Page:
Diminishing PC Performance Over Time

by on September 8, 2007

Q: I have an IBM ThinkPad R40 with Windows XP, 256MB ram, and a 40GB hard drive. It has become very slow over time, and seems to be getting worse lately. I use it for surfing the web and conducting personal business. I have the latest versions of AVG antivirus, Ad-Aware SE, and Spybot Search and Destroy to protect my system and am wondering if I need a registry cleaner or if you could suggest something else to help with my speed issues.

A: There are many things that can cause a PC to slow down over time. The number one cause is poor maintenance. Running an anti-virus application and occasionally running a spyware remover is not enough to keep Windows running quickly. The first thing you can do to speed up your PC is to uninstall programs that you do not use. Scroll through the list of applications on the Add/Remove Programs screen (which you can access from the Control Panel). Then you can follow these instructions to control what applications start up when Windows boots. Once you have reduced the amount of applications on your system, and the number of startup applications, you should defragment the hard drive (Programs > Accessories > System Tools > Disk Defragmenter). This should be done regularly to keep your PC running quickly. Once you have defragmented your hard drive, you can reboot it to assess how quickly it is starting up and running.

After performing all of the maintenance steps above, if you do not see a change in performance, you may need to reinstall Windows. If you do not have the CDs that shipped with your laptop, contact the manufacturer to see if you can obtain replacement CDs. Make sure that you backup your data before you reinstall Windows.

You may also want to consider adding RAM to your laptop. Adding an additional 512MB-1GB of ram to your laptop should boost performance enormously.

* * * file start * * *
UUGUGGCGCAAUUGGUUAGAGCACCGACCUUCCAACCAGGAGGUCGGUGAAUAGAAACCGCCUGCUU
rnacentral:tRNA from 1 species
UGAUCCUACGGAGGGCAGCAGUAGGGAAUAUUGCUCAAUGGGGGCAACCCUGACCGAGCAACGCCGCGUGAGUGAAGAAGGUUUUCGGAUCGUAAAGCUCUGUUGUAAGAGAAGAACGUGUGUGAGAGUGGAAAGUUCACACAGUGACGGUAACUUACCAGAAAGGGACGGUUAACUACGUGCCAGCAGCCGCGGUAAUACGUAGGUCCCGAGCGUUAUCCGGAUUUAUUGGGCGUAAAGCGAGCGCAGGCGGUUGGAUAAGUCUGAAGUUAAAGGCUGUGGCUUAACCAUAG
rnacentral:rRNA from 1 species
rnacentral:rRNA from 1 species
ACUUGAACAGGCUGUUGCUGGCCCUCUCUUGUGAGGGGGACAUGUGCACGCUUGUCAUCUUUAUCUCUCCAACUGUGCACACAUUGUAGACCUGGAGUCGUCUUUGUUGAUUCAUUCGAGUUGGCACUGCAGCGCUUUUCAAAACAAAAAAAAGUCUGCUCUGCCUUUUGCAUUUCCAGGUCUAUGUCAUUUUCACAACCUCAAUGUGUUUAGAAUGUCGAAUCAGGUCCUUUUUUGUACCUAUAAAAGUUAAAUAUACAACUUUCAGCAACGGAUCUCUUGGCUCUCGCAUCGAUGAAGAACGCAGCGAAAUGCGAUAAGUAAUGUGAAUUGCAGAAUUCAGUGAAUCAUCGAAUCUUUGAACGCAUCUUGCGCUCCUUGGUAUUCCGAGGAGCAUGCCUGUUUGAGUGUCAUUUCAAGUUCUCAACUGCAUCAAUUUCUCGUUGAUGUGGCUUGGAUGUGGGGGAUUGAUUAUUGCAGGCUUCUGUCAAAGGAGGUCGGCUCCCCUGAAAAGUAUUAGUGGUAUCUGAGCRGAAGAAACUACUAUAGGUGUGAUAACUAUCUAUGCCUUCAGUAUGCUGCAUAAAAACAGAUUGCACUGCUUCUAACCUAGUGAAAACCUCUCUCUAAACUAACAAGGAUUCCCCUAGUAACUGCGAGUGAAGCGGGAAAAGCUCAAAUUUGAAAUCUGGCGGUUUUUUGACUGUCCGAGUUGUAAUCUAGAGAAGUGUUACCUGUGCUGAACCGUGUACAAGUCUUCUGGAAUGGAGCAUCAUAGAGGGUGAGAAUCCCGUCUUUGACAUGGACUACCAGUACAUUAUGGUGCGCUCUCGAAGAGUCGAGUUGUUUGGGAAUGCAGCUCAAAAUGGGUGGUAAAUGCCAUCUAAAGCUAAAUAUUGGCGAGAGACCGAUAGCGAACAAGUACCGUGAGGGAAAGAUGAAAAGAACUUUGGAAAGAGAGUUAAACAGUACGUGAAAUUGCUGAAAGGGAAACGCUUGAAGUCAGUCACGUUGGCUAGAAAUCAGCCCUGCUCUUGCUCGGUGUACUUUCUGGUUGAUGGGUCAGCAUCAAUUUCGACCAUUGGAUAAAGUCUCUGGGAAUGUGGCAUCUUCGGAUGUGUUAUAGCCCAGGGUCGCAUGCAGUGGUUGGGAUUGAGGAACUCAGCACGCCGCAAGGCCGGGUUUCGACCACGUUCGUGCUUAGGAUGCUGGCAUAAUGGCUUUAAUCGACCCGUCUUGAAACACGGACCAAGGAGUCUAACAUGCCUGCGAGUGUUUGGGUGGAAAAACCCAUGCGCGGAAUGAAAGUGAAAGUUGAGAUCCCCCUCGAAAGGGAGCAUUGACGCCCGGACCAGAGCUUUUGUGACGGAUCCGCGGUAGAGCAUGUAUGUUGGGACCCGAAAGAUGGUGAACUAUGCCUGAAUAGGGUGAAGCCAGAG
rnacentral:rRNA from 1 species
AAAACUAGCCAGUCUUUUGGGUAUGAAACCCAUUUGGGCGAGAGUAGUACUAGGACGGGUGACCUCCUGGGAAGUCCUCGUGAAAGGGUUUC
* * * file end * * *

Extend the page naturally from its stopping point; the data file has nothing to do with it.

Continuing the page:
3 Responses to “Diminishing PC Performance Over Time”
  1.  

    Why worry about manual defragmentation when automatic defragmentation is becoming the norm? No point in wasting time with defrag, virus scans etc when they can be done more efficiently, automatically. So, look for a good automatic defragmenter that works on multiple drives; it will make life much easier.

     
  2.  

    Automatic defragmentation will only become the norm when the vast majority of people are using an OS with it integrated. The truth is that most Windows users don’t know that it is something they should be doing somewhat regularly. Automatic defrag is great for people who leave their PC on all the time. Unfortunately, since most people don’t leave their PC up continuously or carry laptops, teaching them to acknowledge defragging as a regular maintenance step is more important than pushing another bit of software that might not run as scheduled.

     
  3.  

    Automatic or Manual it would be a huge step if people are aware of the impact of a fragmented drive in the first place. In my view, just as most people hardly know about their own bodies/health, they know little about the PCs they operate and the maintenance required. A heavily fragmented drive would lead to an underperfoming system and increase chances of instability besides slowdown. Chances of recovering data are also higher when drives are not fragmented.